For example, in 2007, China accounted for nearly one-third of all publications in science, engineering and medicine in the developing world. Moreover, 11 other developing countries or countries with emerging economies (led by India, South Korea, Brazil, Taiwan and Turkey) were responsible for more than 85% of the publications in the South. 

"These statistics," Hassan says, "paint a much gloomier picture that has been masked by the much brighter overall trends." It means, in short, that some 90 developing countries produce less than 15% of the total number of publications in science, engineering and medicine coming from the South."

"Sub-Saharan Africa," Hassan states, "remains the most troubled region. Total expenditures for research and development in the region remain appallingly low." Indeed, except for South Africa, every country in the region spends less than 0.5 % of its gross domestic product on research and development. For instance, South Africa has just bridged the 1% threshold. Equally disturbing, except for South Africa (which spends USD4 billion in purchasing power parity or ppp), annual national expenditures for research and development in sub-Saharan Africa are in the millions of dollars – indeed often in the low millions. Ethiopia spends USD106 million annually, while Zambia spends just USD4.5 million and Lesotho even less, USD1.5 million.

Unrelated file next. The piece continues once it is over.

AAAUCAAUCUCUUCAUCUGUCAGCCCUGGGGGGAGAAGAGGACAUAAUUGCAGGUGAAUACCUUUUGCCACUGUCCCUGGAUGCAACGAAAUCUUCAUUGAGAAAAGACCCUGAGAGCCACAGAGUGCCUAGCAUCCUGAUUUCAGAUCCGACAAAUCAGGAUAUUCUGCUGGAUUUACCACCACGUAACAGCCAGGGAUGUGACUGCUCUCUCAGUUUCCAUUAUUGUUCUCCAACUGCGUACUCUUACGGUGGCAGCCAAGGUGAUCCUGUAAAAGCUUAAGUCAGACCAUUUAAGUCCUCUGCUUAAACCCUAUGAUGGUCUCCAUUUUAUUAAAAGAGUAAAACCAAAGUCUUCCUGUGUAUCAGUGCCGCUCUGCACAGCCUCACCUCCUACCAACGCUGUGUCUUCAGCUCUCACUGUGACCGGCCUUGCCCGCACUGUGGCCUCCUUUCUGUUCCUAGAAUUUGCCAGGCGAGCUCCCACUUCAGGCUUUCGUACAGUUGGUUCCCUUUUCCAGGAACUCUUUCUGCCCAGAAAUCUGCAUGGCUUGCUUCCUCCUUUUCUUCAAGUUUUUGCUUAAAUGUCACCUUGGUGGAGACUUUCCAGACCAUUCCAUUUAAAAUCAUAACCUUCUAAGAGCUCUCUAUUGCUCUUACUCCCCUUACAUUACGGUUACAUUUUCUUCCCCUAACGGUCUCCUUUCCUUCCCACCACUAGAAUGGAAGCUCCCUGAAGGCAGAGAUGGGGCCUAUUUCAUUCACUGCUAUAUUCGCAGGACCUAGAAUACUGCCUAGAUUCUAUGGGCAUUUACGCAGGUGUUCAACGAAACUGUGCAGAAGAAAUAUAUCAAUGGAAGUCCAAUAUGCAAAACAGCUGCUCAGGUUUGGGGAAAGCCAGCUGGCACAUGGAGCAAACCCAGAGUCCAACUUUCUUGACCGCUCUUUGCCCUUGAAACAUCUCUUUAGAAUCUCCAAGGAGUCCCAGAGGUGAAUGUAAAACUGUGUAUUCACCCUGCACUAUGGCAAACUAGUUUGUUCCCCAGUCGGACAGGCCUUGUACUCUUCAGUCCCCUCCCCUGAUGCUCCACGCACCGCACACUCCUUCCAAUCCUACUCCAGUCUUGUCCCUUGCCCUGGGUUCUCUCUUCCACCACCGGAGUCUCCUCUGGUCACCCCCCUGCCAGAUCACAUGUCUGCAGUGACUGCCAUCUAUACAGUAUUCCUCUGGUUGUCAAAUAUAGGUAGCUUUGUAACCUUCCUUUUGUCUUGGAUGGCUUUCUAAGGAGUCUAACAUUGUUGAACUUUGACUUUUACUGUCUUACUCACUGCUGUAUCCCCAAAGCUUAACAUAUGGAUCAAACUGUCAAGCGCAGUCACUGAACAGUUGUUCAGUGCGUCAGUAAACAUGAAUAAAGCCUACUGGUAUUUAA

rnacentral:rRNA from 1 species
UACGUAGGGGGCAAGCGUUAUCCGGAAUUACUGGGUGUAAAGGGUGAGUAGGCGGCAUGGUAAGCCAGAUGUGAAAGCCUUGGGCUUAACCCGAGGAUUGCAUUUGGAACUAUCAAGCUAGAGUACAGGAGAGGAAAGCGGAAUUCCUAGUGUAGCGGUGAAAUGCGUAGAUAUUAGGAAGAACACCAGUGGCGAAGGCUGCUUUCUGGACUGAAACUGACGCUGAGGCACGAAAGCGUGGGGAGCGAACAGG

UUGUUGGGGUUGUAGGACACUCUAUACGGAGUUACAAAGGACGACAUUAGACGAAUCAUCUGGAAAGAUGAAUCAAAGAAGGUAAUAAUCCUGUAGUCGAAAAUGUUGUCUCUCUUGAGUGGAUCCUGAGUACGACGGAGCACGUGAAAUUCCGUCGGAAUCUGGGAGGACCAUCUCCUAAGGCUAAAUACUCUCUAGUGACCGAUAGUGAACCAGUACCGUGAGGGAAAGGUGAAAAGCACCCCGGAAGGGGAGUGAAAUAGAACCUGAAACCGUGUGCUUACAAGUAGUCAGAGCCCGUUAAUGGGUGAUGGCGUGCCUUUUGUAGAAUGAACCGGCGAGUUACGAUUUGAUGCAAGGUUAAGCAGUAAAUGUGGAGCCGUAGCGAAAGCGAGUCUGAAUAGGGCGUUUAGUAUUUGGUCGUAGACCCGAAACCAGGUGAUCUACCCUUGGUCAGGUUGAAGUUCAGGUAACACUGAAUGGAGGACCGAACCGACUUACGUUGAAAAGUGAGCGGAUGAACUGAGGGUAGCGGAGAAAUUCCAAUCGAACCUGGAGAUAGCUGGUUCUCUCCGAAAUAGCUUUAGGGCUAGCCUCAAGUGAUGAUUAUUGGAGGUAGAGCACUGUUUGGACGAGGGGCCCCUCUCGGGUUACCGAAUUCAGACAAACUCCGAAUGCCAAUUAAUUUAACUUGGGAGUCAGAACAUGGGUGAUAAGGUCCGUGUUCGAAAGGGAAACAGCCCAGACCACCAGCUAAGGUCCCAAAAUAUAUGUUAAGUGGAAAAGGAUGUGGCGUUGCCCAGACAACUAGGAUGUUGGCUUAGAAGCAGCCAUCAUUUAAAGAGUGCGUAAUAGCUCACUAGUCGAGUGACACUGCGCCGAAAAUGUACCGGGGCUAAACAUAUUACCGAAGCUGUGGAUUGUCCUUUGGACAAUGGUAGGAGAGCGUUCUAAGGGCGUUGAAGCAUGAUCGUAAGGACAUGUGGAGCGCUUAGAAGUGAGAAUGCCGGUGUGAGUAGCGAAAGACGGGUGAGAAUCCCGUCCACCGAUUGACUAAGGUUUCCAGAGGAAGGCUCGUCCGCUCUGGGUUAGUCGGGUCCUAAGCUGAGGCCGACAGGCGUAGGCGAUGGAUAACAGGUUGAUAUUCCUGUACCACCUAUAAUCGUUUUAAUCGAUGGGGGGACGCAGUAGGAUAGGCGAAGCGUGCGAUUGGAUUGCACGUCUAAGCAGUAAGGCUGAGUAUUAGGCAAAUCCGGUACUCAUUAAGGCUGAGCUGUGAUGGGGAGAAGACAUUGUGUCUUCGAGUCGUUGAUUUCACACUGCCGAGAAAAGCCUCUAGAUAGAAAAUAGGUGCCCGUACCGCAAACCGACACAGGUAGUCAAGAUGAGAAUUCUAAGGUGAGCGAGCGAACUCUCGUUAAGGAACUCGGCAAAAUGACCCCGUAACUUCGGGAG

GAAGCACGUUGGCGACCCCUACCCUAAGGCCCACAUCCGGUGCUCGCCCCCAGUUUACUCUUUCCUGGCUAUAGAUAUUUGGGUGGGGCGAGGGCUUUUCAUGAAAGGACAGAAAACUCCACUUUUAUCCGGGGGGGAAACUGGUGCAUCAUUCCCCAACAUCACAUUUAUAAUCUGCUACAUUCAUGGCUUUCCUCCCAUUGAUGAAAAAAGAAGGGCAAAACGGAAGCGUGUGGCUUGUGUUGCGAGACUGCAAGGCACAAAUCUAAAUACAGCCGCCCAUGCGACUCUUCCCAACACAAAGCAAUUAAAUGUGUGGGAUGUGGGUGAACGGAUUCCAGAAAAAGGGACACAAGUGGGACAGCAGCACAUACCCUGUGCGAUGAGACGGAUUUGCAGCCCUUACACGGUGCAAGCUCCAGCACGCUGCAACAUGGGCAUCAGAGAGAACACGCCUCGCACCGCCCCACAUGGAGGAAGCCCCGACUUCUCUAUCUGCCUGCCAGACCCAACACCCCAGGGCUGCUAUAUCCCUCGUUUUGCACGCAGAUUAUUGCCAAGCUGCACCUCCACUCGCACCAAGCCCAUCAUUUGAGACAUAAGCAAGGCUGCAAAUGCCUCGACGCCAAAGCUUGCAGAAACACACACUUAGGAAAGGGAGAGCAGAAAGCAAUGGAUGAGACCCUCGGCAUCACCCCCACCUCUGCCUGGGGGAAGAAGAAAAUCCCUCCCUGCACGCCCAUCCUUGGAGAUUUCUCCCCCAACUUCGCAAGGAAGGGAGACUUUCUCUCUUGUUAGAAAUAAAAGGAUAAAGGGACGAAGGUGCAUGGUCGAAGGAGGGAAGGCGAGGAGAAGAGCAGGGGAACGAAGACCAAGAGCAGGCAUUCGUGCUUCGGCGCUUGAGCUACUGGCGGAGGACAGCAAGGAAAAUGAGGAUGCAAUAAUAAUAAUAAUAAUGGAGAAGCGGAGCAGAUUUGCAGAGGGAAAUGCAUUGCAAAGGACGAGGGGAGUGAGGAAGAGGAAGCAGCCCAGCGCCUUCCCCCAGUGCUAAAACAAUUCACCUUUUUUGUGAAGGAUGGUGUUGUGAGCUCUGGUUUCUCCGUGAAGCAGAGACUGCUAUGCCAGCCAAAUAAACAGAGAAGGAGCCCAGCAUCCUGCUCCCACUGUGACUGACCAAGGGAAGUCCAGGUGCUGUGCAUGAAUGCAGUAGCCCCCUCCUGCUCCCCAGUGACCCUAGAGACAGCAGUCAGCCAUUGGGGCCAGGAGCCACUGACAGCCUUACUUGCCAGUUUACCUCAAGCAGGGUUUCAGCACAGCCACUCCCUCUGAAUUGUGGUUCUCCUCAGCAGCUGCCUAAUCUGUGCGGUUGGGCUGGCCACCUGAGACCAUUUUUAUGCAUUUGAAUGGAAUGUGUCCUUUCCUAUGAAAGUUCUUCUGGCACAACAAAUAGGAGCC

So, what's to be done? Hassan suggests several concrete measures.

young scientists